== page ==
Sunday, July 4, 2010

Independence Day!

I am not ashamed to admit that, hands down, Independence Day is my favorite holiday of the year.  I usually follow that statement with a tongue-in-cheek comment that runs somewhere along the lines of: "You gotta love any holiday that is celebrated with explosives!"

All joking aside, Independence Day is inspiring to me on so many levels.  I marvel at the miracle of so many brilliant men not only belonging to one generation, but living in the same country.  These men were men of means and reputation who had the most to lose if their venture failed.  And yet they didn't waver.  Of all the Founders, George Washington is the most inspiring to me.  When we think of 1776 we usually reflect only on the fact that that was the year we became our own nation.  But 1776 was a very bad year for the patriot cause, and we very nearly lost everything during the battle for New York.  Any other man would have been crushed by the disaster of that battle and given up, but General Washington stayed true to the cause he had embraced.  He met emergency, disaster, rank recriminations and treasonous cabals with fortitude,courage and absolute faith in the rightness of what he was doing.  When others had given up hope, he embodied the spirit of the Revolution and kept it alive.  Because of him and the brave men who served under his command, the American Army lived to fight another day and eventually secured, in fact, the liberty we had proclaimed for ourselves at the outset of the struggle.

We are fond of saying that "freedom isn't free".  Truer words were never spoken.  The fight to become free and remain free has always cost the blood of the best amongst us in every generation.  Yesterday, at the Arizona Celebration of Freedom event I got the opportunity to visit with men who fought at the Chosin Reservoir during the Korean War.  The stories they told me were amazing, and I felt humbled by the sacrifice they made on behalf of our country.  Even as I sit here and write this in the comfort and security of my own home, the best of our nation's men and women are standing between us and "the war's desolation."  They fight to stop those people who would do us harm and threaten our way of life.  They give up time with their loved ones so we can safely enjoy time with ours.  And, over 3000 times since September 11, 2001, some have actually given their lives for this freedom we love so much.

I haven't written very much about my own cousin, SFC Jake Whetten, because the feelings are still very near the surface and so intensely and personally felt that I can't fully express myself yet.  But he has been on my mind all weekend.  When we sang America the Beautiful in church today I could't get through the third verse.  When we stood and sang The Star Spangled Banner I couldn't get through the third verse.  These things mean more to me now, and I am just a member of his extended family.  I can only imagine the sorrow that his immediate family feels at this unwanted honor they now bear.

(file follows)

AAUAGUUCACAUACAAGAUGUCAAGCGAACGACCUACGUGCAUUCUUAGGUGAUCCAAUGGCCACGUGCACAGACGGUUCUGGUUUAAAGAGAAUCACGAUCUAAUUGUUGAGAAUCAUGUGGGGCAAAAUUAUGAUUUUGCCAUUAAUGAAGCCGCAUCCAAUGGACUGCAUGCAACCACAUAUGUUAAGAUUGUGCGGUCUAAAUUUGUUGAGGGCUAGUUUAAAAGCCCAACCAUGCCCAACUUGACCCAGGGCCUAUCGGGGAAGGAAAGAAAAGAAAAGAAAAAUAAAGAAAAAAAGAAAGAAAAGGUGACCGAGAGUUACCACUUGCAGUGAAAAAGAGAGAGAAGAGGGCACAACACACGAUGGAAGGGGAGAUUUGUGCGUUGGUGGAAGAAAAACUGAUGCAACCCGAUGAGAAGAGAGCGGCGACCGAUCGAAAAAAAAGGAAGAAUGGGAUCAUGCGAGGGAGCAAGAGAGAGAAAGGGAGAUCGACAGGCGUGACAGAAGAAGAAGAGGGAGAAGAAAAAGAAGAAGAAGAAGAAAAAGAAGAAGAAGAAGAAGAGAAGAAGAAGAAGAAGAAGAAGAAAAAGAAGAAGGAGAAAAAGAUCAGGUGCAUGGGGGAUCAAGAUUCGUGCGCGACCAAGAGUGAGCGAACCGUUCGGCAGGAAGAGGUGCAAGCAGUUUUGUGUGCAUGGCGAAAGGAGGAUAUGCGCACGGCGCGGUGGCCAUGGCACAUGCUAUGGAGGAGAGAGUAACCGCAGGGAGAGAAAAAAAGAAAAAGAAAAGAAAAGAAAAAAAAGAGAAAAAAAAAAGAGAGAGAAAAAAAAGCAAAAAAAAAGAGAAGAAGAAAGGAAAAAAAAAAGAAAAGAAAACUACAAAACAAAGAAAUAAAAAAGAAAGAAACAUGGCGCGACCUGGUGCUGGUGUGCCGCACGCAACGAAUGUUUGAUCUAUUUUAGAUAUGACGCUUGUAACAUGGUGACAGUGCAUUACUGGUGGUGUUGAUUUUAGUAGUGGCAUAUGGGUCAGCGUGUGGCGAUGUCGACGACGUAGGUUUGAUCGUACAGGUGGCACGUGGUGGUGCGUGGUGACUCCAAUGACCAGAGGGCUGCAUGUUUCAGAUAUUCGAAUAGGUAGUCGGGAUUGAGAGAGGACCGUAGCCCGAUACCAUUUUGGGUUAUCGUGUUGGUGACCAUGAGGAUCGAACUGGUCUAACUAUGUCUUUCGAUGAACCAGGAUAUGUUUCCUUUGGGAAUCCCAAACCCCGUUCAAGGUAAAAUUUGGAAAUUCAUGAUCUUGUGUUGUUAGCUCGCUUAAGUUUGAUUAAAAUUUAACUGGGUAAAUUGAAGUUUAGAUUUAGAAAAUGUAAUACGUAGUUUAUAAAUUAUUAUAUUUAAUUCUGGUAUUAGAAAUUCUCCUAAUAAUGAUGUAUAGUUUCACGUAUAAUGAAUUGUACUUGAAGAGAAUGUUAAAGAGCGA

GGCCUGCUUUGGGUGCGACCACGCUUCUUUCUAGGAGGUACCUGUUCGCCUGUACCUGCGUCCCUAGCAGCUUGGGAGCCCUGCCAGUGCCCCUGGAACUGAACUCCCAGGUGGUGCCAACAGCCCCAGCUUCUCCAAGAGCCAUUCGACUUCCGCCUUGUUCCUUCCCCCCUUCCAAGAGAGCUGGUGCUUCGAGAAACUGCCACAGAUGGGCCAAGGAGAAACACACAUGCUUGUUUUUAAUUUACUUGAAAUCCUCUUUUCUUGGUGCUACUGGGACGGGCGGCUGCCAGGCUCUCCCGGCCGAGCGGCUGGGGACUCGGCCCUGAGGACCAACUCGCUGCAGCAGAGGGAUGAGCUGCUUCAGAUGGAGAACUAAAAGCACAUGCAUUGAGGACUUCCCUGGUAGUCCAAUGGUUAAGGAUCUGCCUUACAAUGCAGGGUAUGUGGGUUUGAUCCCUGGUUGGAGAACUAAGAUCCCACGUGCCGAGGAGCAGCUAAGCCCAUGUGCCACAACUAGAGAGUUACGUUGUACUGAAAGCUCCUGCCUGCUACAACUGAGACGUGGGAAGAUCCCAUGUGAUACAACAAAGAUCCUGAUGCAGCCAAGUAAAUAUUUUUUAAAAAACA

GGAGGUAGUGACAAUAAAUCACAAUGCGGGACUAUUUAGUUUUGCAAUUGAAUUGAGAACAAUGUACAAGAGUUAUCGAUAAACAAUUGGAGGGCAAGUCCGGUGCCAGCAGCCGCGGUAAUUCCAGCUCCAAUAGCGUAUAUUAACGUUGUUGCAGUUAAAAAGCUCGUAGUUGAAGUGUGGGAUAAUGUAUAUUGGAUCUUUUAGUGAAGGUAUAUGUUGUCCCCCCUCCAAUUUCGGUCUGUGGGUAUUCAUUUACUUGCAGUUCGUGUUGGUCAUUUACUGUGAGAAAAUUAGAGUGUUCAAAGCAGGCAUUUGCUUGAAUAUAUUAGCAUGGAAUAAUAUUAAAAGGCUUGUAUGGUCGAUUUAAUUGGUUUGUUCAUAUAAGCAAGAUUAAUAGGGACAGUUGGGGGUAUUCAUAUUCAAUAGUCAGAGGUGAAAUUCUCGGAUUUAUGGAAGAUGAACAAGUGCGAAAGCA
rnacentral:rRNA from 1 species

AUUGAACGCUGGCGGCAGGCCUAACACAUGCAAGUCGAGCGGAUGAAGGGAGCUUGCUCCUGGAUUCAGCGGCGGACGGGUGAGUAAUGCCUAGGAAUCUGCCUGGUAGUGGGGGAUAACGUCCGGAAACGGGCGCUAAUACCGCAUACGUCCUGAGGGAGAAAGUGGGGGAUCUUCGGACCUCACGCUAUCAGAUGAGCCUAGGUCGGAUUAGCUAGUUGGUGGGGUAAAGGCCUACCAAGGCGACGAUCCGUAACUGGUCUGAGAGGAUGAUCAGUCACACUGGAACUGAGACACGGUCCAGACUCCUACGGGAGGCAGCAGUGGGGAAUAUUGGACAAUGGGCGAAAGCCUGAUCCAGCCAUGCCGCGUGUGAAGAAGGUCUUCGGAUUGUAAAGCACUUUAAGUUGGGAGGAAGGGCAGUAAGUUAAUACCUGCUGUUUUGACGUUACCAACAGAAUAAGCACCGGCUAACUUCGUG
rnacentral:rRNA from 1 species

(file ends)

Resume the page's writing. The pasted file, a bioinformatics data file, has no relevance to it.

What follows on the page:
My heart is so full of gratitude for my freedom that I can't completely express myself tonight, but I wanted to put down in writing how grateful I am for the privilege of being a US citizen.  God bless this country, God bless the memory of our Founding Fathers, and God bless and protect our men and women in uniform this glorious 4th of July.  Happy Independence Day!

Monday, March 15, 2010

The Price of Freedom

Since September 11, 2001, I have lowered the flag in my front yard on numerous occasions to honor the sacrifice of a soldier, sailor, marine, or airman who had recently paid the utmost price for my freedom. In each instance I have said a prayer for the family of the departed hero as my flag lowered to honor their sacrifice. During the official period of mourning, the sight of my half-masted flag was a quiet and eloquent reminder of the fact that "Freedom Isn't Free".

On Friday night I went out to my flagpole and, once again, lowered my flag to half mast. But the prayer I offered that night was for my own family this time. Earlier that day my cousin, SFC Glen Jacob Whetten, joined the ranks of those who have given the last full measure of devotion for their country.

The flag in my front yard flies at half mast, and I see Jake now every time I pass it. When the official word gets out and flags across the state lower to half mast, I will see Jake. And I will cry. I am more intimately acquainted with the price of my freedom now. The Hall of Heroes is no longer a nameless, faceless group of men and women from ages past. It now has the name and face of someone I know and love, someone I looked up to and prayed for.

SFC Glen Jacob Whetten, United States Army
March 19, 1978 - March 12, 2010
Operation Enduring Freedom